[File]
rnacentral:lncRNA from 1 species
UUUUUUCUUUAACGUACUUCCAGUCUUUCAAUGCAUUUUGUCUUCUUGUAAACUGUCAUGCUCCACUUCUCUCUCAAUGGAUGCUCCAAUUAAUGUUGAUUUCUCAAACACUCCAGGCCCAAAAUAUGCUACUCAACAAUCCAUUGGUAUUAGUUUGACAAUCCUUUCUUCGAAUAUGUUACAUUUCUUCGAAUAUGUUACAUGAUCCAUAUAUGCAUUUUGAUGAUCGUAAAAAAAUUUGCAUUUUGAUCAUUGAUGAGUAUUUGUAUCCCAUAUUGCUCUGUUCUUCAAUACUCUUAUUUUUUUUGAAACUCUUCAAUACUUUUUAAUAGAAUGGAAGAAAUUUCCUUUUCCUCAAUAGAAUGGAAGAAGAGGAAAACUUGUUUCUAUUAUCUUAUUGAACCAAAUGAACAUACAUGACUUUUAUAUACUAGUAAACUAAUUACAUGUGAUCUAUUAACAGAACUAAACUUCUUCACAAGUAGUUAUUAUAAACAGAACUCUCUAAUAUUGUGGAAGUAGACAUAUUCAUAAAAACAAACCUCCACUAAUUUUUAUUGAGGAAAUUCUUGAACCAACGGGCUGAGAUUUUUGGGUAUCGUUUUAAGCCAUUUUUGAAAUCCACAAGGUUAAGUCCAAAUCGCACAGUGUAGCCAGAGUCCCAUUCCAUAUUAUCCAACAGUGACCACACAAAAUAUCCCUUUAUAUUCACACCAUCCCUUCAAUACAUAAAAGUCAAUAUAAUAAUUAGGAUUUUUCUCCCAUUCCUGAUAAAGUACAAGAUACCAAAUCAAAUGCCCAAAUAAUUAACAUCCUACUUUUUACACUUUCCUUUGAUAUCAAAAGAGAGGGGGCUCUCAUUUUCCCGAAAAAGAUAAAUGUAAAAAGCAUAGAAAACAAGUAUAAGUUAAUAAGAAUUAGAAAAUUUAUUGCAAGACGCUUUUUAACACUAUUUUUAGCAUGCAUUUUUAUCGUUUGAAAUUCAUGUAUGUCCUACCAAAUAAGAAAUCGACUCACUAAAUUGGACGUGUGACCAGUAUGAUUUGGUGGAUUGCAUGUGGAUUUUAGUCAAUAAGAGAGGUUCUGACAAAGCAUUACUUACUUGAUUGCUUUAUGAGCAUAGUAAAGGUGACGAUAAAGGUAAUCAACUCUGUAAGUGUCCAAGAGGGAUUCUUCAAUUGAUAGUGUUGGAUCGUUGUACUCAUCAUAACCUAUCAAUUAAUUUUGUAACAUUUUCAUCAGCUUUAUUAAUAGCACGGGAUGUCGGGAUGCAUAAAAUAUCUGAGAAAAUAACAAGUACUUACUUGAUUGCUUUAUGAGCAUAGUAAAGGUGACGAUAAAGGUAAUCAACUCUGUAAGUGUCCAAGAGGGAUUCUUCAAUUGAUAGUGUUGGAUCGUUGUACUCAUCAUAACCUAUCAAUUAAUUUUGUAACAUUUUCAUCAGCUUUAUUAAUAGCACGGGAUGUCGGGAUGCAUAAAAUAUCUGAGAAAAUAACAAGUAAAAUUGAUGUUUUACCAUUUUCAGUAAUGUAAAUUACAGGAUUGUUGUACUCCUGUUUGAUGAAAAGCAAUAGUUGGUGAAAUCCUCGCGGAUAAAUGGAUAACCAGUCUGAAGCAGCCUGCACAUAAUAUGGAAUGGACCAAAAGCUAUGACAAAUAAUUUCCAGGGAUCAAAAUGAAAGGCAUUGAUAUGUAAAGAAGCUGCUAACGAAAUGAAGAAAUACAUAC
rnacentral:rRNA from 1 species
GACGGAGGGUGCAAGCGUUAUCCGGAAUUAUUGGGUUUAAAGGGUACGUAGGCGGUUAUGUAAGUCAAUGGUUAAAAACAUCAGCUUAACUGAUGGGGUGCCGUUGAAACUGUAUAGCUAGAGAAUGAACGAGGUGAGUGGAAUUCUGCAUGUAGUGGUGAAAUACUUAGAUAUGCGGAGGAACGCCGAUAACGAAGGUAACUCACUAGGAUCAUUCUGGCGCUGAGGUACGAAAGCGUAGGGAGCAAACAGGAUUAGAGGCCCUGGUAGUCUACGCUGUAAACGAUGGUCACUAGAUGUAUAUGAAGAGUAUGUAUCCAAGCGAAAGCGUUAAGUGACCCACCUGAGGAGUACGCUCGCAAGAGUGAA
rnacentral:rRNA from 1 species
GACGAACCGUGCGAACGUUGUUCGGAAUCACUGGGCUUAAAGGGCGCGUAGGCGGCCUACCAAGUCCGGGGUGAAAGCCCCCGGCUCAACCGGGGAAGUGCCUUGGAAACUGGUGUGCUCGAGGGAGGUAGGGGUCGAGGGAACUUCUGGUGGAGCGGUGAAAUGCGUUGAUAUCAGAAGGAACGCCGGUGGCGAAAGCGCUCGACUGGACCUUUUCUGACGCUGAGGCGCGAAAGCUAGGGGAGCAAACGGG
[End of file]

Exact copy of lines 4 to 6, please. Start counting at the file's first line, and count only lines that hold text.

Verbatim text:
GACGGAGGGUGCAAGCGUUAUCCGGAAUUAUUGGGUUUAAAGGGUACGUAGGCGGUUAUGUAAGUCAAUGGUUAAAAACAUCAGCUUAACUGAUGGGGUGCCGUUGAAACUGUAUAGCUAGAGAAUGAACGAGGUGAGUGGAAUUCUGCAUGUAGUGGUGAAAUACUUAGAUAUGCGGAGGAACGCCGAUAACGAAGGUAACUCACUAGGAUCAUUCUGGCGCUGAGGUACGAAAGCGUAGGGAGCAAACAGGAUUAGAGGCCCUGGUAGUCUACGCUGUAAACGAUGGUCACUAGAUGUAUAUGAAGAGUAUGUAUCCAAGCGAAAGCGUUAAGUGACCCACCUGAGGAGUACGCUCGCAAGAGUGAA
rnacentral:rRNA from 1 species
GACGAACCGUGCGAACGUUGUUCGGAAUCACUGGGCUUAAAGGGCGCGUAGGCGGCCUACCAAGUCCGGGGUGAAAGCCCCCGGCUCAACCGGGGAAGUGCCUUGGAAACUGGUGUGCUCGAGGGAGGUAGGGGUCGAGGGAACUUCUGGUGGAGCGGUGAAAUGCGUUGAUAUCAGAAGGAACGCCGGUGGCGAAAGCGCUCGACUGGACCUUUUCUGACGCUGAGGCGCGAAAGCUAGGGGAGCAAACGGG